The Sunday Sessions: 4.8.18 Edition
Sunday is traditionally a day in which we slow down, take time for reflection, and recharge. Every Sunday, I will share a poem or excerpt that will make us think, wonder, or even laugh as we prepare ourselves for the upcoming week.
We’ve been out of town for a weekend at Lake Chelan, so I have not been a committed blogger this weekend. I didn’t even crack open my computer while we were gone! This was mostly because I was either trying to get my kid to sleep or waiting for her to finish sleeping. This has nothing to do with today’s Sunday Session. I’m just trying to explain (and apologize for) posting so late today.
I shared in my March newsletter that I am training for a 5K at the end of the month. I have no intention of actually running the whole thing, but I want to at least be able to run more of it than I did last year at the same race. In preparation, I’ve been going to the gym and walking/running on the treadmill 3 to 4 times a week.
The treadmills, like all the aerobic exercise equipment at my gym, face a wall with a mirror on it. Usually, I am in the second row of treadmills. My image in the mirror is obscured by the treadmill that is in front of me, which suits me just fine. On Thursday, though, the only available treadmills were in the first row, and I was able to see myself perfectly in the mirror.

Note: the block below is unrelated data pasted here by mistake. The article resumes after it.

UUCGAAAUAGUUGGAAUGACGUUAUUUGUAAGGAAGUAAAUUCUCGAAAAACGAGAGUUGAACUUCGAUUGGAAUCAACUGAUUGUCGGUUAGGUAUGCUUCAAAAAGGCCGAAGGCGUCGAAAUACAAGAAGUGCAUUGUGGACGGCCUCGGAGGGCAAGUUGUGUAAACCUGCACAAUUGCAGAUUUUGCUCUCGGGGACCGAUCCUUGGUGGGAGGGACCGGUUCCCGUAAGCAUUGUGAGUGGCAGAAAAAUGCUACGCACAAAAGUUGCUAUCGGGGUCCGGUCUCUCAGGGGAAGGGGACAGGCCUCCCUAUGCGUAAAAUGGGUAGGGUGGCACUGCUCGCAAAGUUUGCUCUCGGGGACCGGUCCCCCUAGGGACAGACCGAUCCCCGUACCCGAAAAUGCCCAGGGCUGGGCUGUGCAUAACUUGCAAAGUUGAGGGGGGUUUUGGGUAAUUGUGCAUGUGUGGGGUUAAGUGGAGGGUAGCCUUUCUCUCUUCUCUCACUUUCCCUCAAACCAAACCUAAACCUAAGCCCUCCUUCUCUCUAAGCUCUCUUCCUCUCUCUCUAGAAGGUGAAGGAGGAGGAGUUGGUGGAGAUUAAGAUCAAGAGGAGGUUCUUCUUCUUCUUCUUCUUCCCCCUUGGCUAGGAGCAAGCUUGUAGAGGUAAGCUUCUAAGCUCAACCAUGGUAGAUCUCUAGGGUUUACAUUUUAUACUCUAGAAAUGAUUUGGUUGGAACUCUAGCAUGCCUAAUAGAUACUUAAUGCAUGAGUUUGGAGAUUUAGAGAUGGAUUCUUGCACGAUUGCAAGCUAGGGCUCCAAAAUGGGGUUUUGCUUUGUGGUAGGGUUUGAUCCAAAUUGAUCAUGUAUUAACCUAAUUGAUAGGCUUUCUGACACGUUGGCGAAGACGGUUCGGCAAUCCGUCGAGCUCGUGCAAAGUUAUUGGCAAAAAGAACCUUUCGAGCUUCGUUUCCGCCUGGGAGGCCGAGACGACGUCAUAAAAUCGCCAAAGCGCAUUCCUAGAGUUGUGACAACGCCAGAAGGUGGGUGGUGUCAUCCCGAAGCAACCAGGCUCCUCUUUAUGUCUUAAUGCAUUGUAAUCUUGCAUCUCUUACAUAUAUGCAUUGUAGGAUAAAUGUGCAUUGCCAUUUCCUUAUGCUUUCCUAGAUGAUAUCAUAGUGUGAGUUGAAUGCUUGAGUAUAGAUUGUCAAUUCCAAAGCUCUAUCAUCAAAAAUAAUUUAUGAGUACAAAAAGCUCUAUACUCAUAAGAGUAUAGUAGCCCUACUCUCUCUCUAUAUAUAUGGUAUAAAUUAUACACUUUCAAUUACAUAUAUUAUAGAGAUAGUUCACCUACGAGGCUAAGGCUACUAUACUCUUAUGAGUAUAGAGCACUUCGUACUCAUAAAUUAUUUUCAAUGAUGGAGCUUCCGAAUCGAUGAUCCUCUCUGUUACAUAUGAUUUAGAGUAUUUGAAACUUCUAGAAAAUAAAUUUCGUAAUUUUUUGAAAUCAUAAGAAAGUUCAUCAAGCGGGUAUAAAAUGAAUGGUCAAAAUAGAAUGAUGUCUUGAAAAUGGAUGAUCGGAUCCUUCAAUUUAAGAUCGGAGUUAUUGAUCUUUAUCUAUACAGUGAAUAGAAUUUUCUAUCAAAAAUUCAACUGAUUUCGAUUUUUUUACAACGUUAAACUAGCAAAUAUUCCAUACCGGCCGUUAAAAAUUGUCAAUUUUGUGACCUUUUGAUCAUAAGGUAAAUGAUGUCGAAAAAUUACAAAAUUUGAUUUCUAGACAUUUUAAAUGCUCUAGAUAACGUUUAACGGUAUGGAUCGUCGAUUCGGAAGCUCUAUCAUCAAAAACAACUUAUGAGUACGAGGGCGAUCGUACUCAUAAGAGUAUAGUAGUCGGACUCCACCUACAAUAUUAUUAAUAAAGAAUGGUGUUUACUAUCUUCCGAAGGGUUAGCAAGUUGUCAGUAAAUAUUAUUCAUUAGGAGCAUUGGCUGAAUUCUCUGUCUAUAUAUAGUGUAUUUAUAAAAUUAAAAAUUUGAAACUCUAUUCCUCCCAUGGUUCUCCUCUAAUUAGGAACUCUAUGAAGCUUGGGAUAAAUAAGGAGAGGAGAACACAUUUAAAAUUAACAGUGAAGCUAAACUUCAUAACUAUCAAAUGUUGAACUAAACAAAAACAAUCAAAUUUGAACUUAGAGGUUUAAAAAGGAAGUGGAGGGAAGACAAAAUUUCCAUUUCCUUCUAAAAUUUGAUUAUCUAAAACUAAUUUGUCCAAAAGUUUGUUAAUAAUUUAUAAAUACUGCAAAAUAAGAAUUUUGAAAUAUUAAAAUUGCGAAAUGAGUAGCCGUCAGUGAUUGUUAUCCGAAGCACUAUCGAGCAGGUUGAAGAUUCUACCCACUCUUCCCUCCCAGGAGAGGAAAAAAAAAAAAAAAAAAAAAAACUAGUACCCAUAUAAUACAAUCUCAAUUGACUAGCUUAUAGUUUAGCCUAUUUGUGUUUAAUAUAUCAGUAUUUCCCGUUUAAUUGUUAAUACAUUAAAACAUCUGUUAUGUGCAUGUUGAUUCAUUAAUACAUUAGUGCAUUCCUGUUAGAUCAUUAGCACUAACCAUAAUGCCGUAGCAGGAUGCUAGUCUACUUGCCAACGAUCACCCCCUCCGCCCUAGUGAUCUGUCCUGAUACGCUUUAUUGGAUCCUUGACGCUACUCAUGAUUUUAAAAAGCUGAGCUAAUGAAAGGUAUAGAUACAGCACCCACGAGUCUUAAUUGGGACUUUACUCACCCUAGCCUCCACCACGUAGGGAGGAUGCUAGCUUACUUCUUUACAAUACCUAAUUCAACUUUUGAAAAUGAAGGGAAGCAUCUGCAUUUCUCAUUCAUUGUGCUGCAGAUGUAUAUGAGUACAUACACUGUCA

I do not look like I thought I look while running. When I run (okay, jog), I feel not exactly gazelle-like, but in the area of gazelle-like. That is not how I look. My steps are not light, nor are they swift. There is a definite effort in every stride I make. Let’s just say I will not be outrunning any lions come race day.
The reality of how I look compared to how I thought I looked while running was quite discouraging. I wanted to stop and forget this whole 5K nonsense. Turns out I’m not a runner after all. But then I remembered this interview I listened to between Marie Forleo and Brenden Burchard about habits of high-performing people. Burchard said that high-performers talk to themselves in the second or third person. Instead of saying, “I can do this”, they say, “You can do this” or “Caitlin can do this”.
So that’s what I did. I told myself, “You are so strong. You’re running for twice as long as you were only a few weeks ago. Keep going. You’re almost there!” Let me tell you, it worked. I finished that workout and will be back at it on Monday, using encouraging words and reminding myself how much I’ve improved. All in the second or third person, of course!
Question of the Week
When you are feeling down about yourself, what words of encouragement do you use to lift yourself back up?